In the event, McGuinness, weighed down by IRA baggage, came a distant third in that election but his story was astonishing enough in any case. He was the 15-year-old butcher’s assistant who rose to become the IRA chief of staff, responsible for numerous atrocities including Lord Mountbatten’s assassination and the Warrenpoint slaughter of 18 British soldiers in 1979.

Then, in 1981, an IRA prisoner named Bobby Sands won a parliamentary by-election while starving himself to death in the Maze Prison. McGuinness and Adams saw the mileage in pursuing a united Ireland via the ballot box as well as the bullet. Their long and tortuous conversion to democratic politics led to the Good Friday accord of 1998, with McGuinness using his stature and “street cred” to keep the provisional’s hard men on board. He became Northern Ireland’s improbable new education minister, and later served as its deputy first minister for a decade.

His journey from paramilitary pariah to peacemaker was punctuated by any number of astounding tableaux – visits to Downing Street and Chequers; the forging of a relationship with Ian Paisley, his erstwhile arch-enemy, so strong that they were dubbed the “Chuckle Brothers”; his denunciation of dissident republican militants as “traitors to the island of Ireland”; talks at the White House with Presidents Clinton, George W Bush and Obama; and, most remarkable of all, two meetings with the Queen as well as a state banquet at Windsor Castle at which he joined in the toast to the British head of state.

Following his death on 21 March, McGuinness received tributes from London that would have been unthinkable 20 years ago. Tony Blair said peace would not have happened “without Martin’s leadership, courage and quiet insistence that the past should not define the future”. Theresa May praised his “essential and historic contribution to the extraordinary journey of Northern Ireland from conflict to peace”.

What few noted was that McGuinness died with his ultimate goal of a united Ireland arguably closer to realisation – albeit by peaceful methods – than at any other time since the island’s partition in 1921.

The Brexit vote last June has changed political dynamics in Northern Ireland. The province voted by 56 per cent to 44 in favour of remaining in the European Union, and may suffer badly when Britain leaves. It fears the return of a “hard border” with the Republic of Ireland, and could lose £330m in EU subsidies.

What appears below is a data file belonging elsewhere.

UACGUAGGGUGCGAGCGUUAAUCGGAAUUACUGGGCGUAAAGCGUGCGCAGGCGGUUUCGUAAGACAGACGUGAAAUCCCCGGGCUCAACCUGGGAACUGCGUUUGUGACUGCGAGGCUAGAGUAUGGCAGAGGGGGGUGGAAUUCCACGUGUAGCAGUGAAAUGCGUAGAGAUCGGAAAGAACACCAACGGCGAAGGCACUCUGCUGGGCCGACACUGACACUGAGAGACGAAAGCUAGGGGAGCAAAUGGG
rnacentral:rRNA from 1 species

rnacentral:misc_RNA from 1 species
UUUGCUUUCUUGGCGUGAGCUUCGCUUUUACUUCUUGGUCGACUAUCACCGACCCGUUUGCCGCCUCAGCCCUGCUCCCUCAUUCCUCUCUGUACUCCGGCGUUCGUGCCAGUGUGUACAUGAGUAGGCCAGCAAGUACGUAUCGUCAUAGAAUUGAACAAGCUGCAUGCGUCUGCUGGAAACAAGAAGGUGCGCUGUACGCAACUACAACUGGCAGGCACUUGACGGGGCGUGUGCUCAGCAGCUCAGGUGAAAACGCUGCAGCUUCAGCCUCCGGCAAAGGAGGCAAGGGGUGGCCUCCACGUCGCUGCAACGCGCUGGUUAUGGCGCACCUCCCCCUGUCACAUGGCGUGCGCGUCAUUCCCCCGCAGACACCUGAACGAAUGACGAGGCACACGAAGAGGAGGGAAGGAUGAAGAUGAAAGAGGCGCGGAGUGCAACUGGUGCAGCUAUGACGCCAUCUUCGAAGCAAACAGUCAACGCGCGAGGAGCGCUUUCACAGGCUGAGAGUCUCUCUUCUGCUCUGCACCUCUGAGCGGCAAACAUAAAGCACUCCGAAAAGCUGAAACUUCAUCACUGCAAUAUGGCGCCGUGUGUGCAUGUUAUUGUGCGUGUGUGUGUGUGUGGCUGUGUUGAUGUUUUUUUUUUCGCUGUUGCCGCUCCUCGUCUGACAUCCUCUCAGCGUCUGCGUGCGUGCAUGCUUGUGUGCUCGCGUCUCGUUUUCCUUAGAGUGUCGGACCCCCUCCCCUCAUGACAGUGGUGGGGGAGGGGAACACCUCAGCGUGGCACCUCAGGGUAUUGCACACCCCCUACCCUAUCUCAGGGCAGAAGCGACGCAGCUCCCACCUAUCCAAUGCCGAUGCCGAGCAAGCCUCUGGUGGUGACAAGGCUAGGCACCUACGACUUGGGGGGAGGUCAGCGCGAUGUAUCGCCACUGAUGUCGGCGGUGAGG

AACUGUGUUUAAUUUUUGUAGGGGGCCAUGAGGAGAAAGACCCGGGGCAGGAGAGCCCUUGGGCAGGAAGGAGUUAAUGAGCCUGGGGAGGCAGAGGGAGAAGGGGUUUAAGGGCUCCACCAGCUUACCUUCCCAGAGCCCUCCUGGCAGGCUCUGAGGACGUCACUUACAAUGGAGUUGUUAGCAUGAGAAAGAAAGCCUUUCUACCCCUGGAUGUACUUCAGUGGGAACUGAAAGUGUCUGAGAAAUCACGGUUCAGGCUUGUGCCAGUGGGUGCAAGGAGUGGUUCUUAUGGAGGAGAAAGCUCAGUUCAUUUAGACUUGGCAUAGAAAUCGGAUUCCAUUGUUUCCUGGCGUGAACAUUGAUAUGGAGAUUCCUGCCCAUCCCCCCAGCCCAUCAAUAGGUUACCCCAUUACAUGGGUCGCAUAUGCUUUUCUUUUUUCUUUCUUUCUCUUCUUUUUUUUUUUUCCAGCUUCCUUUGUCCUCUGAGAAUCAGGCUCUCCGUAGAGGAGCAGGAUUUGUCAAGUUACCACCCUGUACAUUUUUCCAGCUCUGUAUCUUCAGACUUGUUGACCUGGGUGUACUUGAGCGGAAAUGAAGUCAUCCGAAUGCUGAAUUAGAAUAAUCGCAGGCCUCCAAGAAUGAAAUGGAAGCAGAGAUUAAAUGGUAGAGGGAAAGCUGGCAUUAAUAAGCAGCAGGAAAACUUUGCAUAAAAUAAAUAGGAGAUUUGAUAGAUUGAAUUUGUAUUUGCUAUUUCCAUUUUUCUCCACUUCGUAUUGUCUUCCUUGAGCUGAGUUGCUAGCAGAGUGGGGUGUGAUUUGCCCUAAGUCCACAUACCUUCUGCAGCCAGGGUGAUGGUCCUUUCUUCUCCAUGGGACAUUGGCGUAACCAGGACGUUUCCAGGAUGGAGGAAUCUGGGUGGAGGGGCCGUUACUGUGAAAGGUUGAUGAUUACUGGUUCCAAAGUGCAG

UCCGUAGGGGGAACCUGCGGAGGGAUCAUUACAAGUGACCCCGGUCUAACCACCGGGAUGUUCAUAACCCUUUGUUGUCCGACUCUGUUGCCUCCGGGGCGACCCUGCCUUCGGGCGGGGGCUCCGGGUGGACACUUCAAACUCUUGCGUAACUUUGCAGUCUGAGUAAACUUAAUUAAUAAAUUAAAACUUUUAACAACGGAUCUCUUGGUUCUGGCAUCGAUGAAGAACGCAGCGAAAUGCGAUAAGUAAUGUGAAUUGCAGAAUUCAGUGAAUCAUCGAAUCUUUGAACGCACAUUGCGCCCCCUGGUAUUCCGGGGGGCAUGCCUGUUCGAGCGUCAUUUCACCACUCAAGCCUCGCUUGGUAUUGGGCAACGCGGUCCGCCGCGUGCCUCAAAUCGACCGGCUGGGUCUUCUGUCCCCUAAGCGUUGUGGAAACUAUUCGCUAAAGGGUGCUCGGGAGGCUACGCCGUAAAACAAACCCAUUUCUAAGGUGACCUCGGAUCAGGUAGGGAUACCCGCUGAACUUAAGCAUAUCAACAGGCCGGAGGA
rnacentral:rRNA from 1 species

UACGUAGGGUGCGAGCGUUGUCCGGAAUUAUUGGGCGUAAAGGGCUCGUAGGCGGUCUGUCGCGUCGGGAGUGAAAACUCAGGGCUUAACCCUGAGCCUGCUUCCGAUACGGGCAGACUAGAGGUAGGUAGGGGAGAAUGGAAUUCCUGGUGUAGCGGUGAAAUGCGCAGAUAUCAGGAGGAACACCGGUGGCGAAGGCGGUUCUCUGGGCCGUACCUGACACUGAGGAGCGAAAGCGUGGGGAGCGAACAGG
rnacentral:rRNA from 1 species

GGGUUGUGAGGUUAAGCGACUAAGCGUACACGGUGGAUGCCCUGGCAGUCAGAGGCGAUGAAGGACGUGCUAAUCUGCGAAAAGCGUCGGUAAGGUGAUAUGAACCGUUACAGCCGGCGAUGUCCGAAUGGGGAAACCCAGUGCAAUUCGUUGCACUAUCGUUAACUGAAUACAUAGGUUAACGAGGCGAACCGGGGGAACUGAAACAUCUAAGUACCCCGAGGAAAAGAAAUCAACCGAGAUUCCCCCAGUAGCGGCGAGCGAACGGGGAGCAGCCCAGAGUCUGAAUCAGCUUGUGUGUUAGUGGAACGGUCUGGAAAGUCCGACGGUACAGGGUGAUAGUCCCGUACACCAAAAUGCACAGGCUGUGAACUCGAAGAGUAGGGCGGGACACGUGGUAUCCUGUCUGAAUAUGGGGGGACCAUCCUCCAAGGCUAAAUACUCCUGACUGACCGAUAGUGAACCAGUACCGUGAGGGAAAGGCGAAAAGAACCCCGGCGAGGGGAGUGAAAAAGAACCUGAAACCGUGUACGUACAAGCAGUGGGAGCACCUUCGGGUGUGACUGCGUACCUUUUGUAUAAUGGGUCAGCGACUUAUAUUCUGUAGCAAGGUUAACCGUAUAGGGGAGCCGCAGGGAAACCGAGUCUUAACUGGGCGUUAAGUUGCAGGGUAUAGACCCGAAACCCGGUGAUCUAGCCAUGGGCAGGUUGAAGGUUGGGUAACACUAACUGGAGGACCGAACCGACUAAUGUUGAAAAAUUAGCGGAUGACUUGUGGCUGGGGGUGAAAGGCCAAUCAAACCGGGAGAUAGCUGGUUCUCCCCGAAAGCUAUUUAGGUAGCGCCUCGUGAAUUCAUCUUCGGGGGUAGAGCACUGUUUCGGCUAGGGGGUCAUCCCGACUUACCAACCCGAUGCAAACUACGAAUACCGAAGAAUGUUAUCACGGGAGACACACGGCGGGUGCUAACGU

Dismay at the Brexit vote helped to boost Sinn Fein’s performance in this month’s Stormont Assembly elections. The party came within 1,200 votes of overtaking the Democratic Unionist Party, which not only campaigned for Leave but used a legal loophole to funnel £425,000 in undeclared funds to the broader UK campaign. For the first time in Northern Ireland’s history, the combined unionist parties no longer have an overall majority. “The notion of a perpetual unionist majority has been demolished,” Gerry Adams declared.

Other factors are also working in Sinn Fein’s favour. The party is refusing to enter a new power-sharing agreement at Stormont unless the DUP agrees to terms more favourable to the Irish nationalists. Sinn Fein will win if the DUP agrees to this, but it will also win if there is no deal – and London further inflames nationalist sentiment by imposing direct rule.

McGuinness’s recent replacement as Sinn Fein’s leader in Northern Ireland by Michelle O’Neill, a personable, socially progressive 40-year-old unsullied by the Troubles, marks another significant step in the party’s move towards respectability. As Patrick Maguire recently wrote in the New Statesman, “the age of the IRA old boys at the top is over”.

More broadly, Scottish independence would make the notion of Northern Ireland leaving the UK seem less radical. The Irish republic’s economic recovery and the decline of the Roman Catholic Church have rendered the idea of Irish unity a little less anathema to moderate unionists. And all the time, the province’s Protestant majority is shrinking: just 48 per cent of the population identified itself as Protestant in the 2011 census and 45 per cent Catholic.

The Good Friday Agreement provides for a referendum if a majority appears to favour Irish unity. Sinn Fein is beginning to agitate for exactly that. When Adams and McGuinness turned from violence to constitutional politics back in the 1980s they opted for the long game. Unfortunately for McGuinness, it proved too long for him to see Irish nationalism victorious, but it is no longer inconceivable that his four grown-up children might. 

This article first appeared in the 23 March 2017 issue of the New Statesman, Trump's permanent revolution